• Most of these taxes were abolished, except for the tax on tea.
  • For more information go to:

Indirect Causes

Treaty of Paris (1763)
Lessened the need of British military might, created debt for Britain, and gave the Americans a sense of superiority.

Native Resistance
Pontiac tried to unite the tribes to fight the British but couldn’t gain enough military support from the French. Even though they lost, it forced Britain to rethink their policies in America. Then to get the First Nations to stop protesting, and to keep them happy, Britain reserved land for them (the Ohio Valley).
  • The natives were given blankets with Smallpox so to prevent rebellion
  • Natives were also known as “Indians”
  • The French traders urged the Natives to resist the British ‘cause the French and Natives both didn’t like the British
  • General knowledge on the subject. (Which is inaccessible) __World Book Online, anyone?__

  • Chief Pontiac was known for his role in the Pontiac’s Rebellion in the years of 1763 to 1766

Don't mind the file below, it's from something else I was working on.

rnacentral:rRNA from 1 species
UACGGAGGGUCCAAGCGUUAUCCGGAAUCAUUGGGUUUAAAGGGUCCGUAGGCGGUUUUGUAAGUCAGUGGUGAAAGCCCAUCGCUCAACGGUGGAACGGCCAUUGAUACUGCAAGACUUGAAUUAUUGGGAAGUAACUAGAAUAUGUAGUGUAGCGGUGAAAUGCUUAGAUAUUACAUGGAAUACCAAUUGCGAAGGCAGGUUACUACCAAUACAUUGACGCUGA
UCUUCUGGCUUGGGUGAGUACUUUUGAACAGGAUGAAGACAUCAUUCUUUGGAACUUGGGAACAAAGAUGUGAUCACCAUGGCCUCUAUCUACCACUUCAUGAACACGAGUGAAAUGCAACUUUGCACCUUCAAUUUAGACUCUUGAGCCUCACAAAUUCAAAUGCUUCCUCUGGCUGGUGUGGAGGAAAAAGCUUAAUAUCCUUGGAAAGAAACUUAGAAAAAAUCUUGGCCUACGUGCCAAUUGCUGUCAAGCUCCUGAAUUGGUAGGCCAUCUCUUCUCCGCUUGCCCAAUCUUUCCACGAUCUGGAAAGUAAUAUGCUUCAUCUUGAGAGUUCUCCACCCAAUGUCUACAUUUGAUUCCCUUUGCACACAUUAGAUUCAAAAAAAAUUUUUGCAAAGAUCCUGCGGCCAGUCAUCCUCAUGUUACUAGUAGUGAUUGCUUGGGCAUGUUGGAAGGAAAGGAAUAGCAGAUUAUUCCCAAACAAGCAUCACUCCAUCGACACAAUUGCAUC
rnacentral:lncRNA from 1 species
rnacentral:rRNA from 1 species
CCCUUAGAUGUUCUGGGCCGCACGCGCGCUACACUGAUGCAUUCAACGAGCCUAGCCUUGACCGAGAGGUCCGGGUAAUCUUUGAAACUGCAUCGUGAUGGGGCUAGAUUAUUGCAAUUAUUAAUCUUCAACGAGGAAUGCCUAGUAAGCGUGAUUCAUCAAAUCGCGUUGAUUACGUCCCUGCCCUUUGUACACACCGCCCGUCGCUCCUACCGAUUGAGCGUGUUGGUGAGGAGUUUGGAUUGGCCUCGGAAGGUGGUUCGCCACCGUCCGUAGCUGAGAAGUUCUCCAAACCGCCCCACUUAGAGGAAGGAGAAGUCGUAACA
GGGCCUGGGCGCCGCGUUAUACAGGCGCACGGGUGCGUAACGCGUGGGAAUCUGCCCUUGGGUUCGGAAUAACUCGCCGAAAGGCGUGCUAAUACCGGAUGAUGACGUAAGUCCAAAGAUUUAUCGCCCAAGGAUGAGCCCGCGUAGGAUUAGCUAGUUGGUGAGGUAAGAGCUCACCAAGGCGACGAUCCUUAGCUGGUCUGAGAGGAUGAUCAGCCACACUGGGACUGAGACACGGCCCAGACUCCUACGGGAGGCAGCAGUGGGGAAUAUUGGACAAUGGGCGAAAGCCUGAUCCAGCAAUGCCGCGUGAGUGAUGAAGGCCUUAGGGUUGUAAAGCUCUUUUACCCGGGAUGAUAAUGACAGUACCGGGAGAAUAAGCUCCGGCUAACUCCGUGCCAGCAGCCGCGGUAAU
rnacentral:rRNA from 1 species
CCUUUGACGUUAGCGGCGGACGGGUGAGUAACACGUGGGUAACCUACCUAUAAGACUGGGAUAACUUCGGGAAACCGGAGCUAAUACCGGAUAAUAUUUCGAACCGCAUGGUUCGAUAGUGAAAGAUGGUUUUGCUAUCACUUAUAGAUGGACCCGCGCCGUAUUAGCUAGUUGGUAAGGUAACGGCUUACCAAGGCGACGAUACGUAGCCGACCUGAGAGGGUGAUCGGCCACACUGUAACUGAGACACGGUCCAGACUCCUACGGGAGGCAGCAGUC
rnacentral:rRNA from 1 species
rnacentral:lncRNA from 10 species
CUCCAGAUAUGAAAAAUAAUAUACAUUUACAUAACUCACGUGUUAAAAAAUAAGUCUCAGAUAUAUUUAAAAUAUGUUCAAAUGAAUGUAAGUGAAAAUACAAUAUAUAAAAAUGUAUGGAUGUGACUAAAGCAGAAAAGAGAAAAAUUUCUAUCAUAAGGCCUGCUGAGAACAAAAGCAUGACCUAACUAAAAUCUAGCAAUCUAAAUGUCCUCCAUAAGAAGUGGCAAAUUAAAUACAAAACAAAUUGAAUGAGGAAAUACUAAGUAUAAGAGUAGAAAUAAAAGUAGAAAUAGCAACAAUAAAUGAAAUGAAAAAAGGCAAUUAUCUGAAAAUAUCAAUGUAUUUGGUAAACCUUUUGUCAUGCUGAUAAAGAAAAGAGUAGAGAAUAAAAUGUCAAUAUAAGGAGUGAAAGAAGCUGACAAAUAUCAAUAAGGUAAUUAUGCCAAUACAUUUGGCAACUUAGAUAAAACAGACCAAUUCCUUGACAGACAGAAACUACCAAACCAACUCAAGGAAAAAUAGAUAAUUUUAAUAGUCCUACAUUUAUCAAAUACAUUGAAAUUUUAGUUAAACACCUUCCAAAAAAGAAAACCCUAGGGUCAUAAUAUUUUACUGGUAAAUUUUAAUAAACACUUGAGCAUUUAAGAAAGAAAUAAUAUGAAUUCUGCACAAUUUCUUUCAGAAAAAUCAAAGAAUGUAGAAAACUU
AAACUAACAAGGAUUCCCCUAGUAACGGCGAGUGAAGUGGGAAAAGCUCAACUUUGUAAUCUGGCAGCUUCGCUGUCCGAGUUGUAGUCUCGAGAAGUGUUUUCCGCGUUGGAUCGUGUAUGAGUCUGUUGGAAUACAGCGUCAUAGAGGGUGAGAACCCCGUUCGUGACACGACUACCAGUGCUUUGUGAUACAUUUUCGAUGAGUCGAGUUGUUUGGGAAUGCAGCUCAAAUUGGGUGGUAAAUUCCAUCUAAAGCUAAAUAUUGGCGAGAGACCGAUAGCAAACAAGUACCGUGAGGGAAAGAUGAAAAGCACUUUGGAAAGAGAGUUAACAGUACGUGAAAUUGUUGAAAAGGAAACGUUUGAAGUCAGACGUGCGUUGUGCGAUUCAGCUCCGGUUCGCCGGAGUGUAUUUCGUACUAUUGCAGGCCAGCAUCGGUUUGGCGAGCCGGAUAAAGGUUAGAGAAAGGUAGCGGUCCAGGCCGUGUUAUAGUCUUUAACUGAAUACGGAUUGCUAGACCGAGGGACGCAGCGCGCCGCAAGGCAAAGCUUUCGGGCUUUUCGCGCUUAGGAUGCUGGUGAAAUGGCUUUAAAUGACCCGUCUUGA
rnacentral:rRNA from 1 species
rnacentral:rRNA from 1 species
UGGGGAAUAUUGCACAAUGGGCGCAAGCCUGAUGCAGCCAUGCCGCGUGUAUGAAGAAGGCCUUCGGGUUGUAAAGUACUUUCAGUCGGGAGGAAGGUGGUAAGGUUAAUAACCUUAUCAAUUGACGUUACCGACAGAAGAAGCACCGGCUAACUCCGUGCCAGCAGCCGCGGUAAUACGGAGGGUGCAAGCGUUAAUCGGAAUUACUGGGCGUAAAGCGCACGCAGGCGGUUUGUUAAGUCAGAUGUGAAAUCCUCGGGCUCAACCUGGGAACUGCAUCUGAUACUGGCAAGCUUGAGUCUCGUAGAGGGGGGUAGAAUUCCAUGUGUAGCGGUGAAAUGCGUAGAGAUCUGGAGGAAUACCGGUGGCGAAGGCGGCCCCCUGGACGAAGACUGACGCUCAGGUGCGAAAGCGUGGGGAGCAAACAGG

• __Wikipedia: Chief Pontiac (not the car)__
  • The Indians were in a conflict with the British against the occupation of the Great Lakes
  • Pontiac tried to unite all the tribes
  • Pontiac was defeated
  • Sir (Ray?) William Johnson split Pontiac’s supporters
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The Beginning of the Revolution

Originally, British and American people had a close relationship and relied on each other for trading.
"Great Britain is the wise, experienced father. America is the brave, bright-eyed son and big brother to many modern societies of our world right now." << Iris Hung

British government tried to tax Americans without their consent and Americans refused; The British considered this an insult
In 1770, British soldiers fired their muskets after one of their soldiers was clubbed into a mob of Boston protesters, killing several people. This is known as the "Boston Massacre".
In 1773, about 50 “Sons of Liberty” dressed as Mohawks threw tea into the harbour to protest the new Tea Act. It’s now known as The Boston Tea Party.
At the Continental Congress in 1774, the American colonies decided they needed to work together in spite of what the British King wanted.